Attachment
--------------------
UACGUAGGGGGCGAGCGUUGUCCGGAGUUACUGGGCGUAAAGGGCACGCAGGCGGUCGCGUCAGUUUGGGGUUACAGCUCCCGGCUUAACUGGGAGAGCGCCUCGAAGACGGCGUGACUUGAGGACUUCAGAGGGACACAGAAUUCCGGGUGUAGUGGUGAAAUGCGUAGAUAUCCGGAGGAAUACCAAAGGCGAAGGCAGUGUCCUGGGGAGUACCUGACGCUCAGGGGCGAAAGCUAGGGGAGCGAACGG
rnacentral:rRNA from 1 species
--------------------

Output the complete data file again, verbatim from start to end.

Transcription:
UACGUAGGGGGCGAGCGUUGUCCGGAGUUACUGGGCGUAAAGGGCACGCAGGCGGUCGCGUCAGUUUGGGGUUACAGCUCCCGGCUUAACUGGGAGAGCGCCUCGAAGACGGCGUGACUUGAGGACUUCAGAGGGACACAGAAUUCCGGGUGUAGUGGUGAAAUGCGUAGAUAUCCGGAGGAAUACCAAAGGCGAAGGCAGUGUCCUGGGGAGUACCUGACGCUCAGGGGCGAAAGCUAGGGGAGCGAACGG
rnacentral:rRNA from 1 species